Filed Under Maritime

Lifesaving Station

For twelve-year-old Elizabeth Ann Mills, September 21, 1938, began as a fairly normal day.

Around Elizabeth’s home at Westport Harbor, just down the shore from the lifesaving station, the winds were high and people were preparing for a storm, but most were not too worried. However, by late afternoon the storm surge was reaching dangerous levels. Elizabeth saw the wind and water sweep the house next door away and across the street, and soon after, the elements burst into her own home.

“The water was so deep that the furniture was floating around in the living room,” Elizabeth remembered. “We went upstairs and looked out the windows at the storm and saw some of the other houses knocked over by waves and disappear.”

Elizabeth and her housekeeper, Mary, decided they needed to leave before their own home met the same fate. They burst out through the garage door and were immediately swept away by waves. The tide was so extreme that it carried Elizabeth across Westport Harbor all the way to the Acoaxet Golf Club, making her dodge furniture and debris in the waves for over half an hour before depositing her on dry land. Mary, unable to swim, disappeared into the ocean.

Elizabeth’s house also did not survive the storm. In fact, the Hurricane of ‘38 destroyed almost every building on East Beach and Horseneck Beach. Only three structures survived intact. One of these buildings, remaining standing today, is the Horseneck Point Lifesaving Station.

The station was established in 1888 by the Humane Society of Massachusetts as part of a network of lifesaving stations around the coast, built to aid boaters in peril. In that era, systems of navigation were unreliable and ships, mostly powered by sails, were at the mercy of the weather, making shipwrecks a serious problem. Each lifesaving station was equipped with a lifeboat and other emergency gear, and managed by a keeper who hired and trained a crew for rescues.

The Horseneck Point Lifesaving Station’s best-remembered keeper was Frederick Burdon “Burt” Head. Burt was an experienced mariner who’d been living on East Beach for years in an old bowling alley he converted into a boarding house. In addition to working as keeper, Burt ran a business guiding and lodging duck hunters. At the height of his business, Burt says he’d host as many as 150 gunners each hunting season, and sometimes shoot up to 86 ducks in a day himself.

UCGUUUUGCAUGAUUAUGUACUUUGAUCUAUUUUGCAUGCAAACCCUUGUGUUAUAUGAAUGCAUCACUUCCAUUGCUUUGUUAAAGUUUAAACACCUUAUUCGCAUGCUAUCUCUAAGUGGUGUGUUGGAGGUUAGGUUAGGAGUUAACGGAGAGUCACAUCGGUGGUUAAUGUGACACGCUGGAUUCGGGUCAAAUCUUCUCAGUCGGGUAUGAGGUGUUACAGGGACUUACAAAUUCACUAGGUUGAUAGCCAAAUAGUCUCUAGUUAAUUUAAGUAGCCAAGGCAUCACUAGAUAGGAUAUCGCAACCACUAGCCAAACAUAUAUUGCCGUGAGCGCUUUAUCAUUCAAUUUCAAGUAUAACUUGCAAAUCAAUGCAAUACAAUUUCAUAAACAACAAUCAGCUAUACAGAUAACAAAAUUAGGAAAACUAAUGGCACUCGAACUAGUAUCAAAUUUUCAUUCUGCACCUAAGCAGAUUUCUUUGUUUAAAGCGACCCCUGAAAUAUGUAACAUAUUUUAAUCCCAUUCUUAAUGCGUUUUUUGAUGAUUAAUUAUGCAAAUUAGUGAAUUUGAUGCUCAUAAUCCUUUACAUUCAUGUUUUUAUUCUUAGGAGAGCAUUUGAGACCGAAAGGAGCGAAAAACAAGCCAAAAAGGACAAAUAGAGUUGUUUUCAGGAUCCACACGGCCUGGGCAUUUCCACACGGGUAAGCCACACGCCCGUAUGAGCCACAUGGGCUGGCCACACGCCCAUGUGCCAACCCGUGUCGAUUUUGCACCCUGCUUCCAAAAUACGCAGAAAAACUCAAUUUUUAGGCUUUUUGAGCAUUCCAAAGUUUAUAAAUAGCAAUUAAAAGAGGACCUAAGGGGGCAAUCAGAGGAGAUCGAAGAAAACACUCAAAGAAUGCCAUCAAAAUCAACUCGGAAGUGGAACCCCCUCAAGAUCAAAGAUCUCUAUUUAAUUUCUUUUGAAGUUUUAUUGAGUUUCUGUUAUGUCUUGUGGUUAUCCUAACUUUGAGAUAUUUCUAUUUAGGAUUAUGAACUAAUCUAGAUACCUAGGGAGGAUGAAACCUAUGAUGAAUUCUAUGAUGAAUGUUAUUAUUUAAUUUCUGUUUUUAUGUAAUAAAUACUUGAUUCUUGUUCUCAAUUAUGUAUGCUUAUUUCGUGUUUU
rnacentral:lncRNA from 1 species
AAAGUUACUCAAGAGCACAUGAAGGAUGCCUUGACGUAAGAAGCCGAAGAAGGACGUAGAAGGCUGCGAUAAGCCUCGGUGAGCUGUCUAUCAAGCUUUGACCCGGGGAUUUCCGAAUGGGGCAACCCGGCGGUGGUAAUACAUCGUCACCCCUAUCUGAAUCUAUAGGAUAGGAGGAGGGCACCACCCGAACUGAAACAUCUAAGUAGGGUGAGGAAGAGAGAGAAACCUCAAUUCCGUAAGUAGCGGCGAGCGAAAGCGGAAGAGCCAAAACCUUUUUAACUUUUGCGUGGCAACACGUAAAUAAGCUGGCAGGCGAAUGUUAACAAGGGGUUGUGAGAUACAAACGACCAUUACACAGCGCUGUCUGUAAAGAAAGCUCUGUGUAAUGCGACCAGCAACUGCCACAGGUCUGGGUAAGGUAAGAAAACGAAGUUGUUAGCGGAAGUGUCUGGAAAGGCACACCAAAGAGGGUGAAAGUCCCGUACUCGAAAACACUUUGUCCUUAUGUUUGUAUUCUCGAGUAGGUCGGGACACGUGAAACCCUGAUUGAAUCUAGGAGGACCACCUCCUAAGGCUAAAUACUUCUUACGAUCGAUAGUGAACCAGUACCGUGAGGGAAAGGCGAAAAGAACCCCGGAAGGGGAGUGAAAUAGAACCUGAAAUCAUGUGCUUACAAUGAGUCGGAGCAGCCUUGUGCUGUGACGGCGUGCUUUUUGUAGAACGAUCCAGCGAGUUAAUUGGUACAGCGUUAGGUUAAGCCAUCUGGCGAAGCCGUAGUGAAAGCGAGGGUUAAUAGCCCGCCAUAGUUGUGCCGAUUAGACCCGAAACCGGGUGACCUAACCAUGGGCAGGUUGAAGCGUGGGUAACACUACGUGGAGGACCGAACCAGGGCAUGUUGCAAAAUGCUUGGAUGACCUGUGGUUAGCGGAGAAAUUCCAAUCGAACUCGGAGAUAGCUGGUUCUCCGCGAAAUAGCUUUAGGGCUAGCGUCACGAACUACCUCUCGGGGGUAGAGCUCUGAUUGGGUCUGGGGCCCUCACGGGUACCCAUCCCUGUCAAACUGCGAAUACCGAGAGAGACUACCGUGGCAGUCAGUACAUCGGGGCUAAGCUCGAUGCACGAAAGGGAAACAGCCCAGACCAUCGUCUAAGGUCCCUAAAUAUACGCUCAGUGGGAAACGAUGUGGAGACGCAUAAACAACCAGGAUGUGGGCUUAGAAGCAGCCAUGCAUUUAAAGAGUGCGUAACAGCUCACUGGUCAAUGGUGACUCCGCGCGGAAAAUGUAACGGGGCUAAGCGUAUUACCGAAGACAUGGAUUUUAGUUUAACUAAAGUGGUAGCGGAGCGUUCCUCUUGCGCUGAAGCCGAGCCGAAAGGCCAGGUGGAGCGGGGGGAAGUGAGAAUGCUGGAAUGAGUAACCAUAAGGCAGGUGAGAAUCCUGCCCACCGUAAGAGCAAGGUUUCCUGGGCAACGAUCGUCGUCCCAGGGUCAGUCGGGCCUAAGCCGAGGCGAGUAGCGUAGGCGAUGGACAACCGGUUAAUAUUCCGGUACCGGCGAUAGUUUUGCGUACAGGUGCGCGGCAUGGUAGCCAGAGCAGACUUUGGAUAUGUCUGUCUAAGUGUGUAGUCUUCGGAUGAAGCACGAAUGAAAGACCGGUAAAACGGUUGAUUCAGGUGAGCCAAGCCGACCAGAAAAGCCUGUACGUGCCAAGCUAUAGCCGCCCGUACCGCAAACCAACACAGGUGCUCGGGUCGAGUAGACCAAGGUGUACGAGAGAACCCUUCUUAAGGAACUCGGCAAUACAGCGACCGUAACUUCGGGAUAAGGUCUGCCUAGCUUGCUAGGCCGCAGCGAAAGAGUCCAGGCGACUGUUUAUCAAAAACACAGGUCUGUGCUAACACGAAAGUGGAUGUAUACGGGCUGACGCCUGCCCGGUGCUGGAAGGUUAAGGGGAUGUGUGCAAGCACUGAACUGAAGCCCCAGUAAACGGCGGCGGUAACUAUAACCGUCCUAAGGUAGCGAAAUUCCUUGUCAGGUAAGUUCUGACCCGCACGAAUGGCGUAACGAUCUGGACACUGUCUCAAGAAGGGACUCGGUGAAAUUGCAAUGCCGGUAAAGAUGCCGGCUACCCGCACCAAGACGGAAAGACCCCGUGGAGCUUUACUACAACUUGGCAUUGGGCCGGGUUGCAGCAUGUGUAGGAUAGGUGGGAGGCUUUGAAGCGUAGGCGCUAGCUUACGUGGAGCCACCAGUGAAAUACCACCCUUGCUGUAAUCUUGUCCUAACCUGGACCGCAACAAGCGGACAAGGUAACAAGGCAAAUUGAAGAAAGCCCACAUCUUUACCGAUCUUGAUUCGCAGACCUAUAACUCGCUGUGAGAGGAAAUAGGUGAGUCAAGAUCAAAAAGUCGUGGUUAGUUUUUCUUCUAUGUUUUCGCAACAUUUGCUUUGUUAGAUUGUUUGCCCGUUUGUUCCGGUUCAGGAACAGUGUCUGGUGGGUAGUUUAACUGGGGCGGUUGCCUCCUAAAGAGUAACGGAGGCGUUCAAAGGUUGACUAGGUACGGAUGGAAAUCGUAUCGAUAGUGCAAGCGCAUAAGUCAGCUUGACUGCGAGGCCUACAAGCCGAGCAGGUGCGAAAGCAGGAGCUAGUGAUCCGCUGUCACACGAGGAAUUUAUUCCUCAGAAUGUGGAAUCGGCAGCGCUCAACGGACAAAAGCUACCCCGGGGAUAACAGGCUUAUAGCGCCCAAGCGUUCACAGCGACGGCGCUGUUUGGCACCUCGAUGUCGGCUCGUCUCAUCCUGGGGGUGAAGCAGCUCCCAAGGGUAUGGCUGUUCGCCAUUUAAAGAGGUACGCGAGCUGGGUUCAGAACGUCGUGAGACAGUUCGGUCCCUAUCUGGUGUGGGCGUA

By the time of the 1938 hurricane, the Horseneck Point Lifesaving Station had been decommissioned and converted into a restaurant that served beachgoers in Westport Harbor’s growing tourism industry. The station’s new owners had built around the original structure, putting up a number of additions to accommodate their business, but throughout the years, the lifesaving station’s original core structure remained intact and withstood the hurricane.

In 2007, the Westport Fishermen’s Association leased the building and restored the lifesaving station to its original appearance and turned it into a museum. Today, the museum houses a replica of an original lifeboat once used at lifesaving stations to rescue distressed sailors, though rarely in weather as bad as the hurricane the station miraculously survived.


Horseneck Point Lifesaving Station
Horseneck Point Lifesaving Station This photograph shows the lifesaving station in its original structure, while it was still in active use. After the station was decommissioned in 1913, its new owners remodeled it to serve a number of purposes including bar, clam shack, and ice cream parlor. Today, the Westport Fishermen’s Association has restored the building as close as possible to its original form. Source:
Storm Surge during the Hurricane of 1938
Storm Surge during the Hurricane of 1938 The hurricane of ‘38 brought massive storm surges that damaged and even destroyed a huge number of buildings along Westport’s coast. This photo was taken during the storm in the Acoaxet neighborhood, just across the harbor from Horseneck Point. Source: Date: 1938
Before and After the Hurricane
Before and After the Hurricane This set of photographs demonstrates how thoroughly the Hurricane of ‘38 wiped out cottages and other structures along Horseneck Beach. The top photo shows the shoreline before the hurricane, and the bottom photo shows the empty expanse left behind by the storm. Source: Creator: E. D. West Co., S. Yarmouth, Cape Cod, Mass. Date: 1938
Frederick Burdon “Burt” Head
Frederick Burdon “Burt” Head Burt Head was the lifesaving station’s second keeper. In addition to running the station, Burt was an avid duck hunter and ran a business lodging and guiding other hunters. He perished in the Hurricane of ’38. Source: Date: 1876-1938
Life Boat
Life Boat The lifesaving station was equipped with a small wooden boat for rescues. It sat in the station on a wagon, ready to be rolled out to the shore at any moment. This photograph shows a reconstructed model of the Horseneck Point station’s original boat and wagon, commissioned by the Westport Fisherman’s Association. Source: The Westport Fishermen’s Association report on the Horseneck Point Lifesaving Station. Creator: Westport Fishermen's Association Date: 2009
The Lifesaving Station Today
The Lifesaving Station Today Horseneck Point Lifesaving Station has now been restored and converted into a museum operated by the Westport Fishermen’s Association. Visitors can see the station and replica rescue boat as well as rotating exhibits on Westport’s maritime history in the visitor center next door. Source: Creator: Westport Fishermen's Association Date: 2017


241 E Beach Rd Westport, MA 02790


Lauren Black, “Lifesaving Station,” Rhode Tour, accessed April 16, 2024,